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Legal Aid Jobs Await Law School Graduates

June 02, 2015

Please click the link below for an interesting article about legal aid jobs.

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With Position Comes Power. Will You Use It? How?

March 13, 2015

The Williams sisters, Venus and Serena, are exquisite tennis players. To the game they have brought strength and grace and resolve and toughness. They’ve succeeded and they’ve done it their way. So doing they taught tennis watchers a new model for success. They taught us that great players don’t have to emerge from the country club set or be the products of high-end tennis academies. The Williams sisters come from the playgrounds of Compton, California. They show us the best tennis player don’t require a cast of advisers and coaches and handlers that changes as often as the players’ court fashions. Venus and Serena had their father Richard and at some point they grew into self-reliant champions.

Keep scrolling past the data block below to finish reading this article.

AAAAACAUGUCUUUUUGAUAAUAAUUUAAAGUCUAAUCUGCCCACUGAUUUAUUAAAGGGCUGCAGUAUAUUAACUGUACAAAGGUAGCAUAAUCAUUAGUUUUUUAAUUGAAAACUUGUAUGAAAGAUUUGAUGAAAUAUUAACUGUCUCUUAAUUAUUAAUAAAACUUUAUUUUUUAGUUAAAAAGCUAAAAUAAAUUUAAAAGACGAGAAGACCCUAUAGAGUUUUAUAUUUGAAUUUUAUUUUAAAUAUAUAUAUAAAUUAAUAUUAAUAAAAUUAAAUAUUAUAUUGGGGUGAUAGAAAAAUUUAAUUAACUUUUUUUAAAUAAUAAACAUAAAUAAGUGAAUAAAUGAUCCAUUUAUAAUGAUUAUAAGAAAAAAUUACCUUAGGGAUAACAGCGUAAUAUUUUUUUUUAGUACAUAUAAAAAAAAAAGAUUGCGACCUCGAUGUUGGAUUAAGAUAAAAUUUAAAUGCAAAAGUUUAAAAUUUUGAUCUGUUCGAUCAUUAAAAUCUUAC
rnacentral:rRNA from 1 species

Their story is not entirely one of first impression in the game of tennis. Althea Gibson and Arthur Ashe preceded them as African Americans who played the game at the highest level and won its greatest championships. Jimmy Connors honed his skills on the playgrounds of East St. Louis and was pushed forward, pressed and prodded really, by his mother. He too demonstrated fierceness. He too came into his own, depended on himself, and for a time stood at the very top of the tennis world.

Yet their difference is always how the tennis world sees the Williams sisters. Here’s an example: When they first began to stun the tennis world with strength and prowess, a plaint heard was that these two young women did not respect tennis tradition. They didn’t enter every tournament. They even skipped Grand Slam events! When they met in the finals of a tournament – and Venus and Serena were so good that this happened fairly often – the resulting match sometimes featured less than perfect tennis.

At the time I was an aging white dude learning the game. That was fun! I was soaking up the history of the game, reading about its greats as I tried with no great accomplishment to refine my strokes. And I bought into the criticism that, good as they were, Venus and Serena did not understand what playing the game meant and required. I was way wrong. Not for the first time and not for the last I adopted uncritically a perspective serving and preserving the powers-that-be, an understanding in line with the way things are.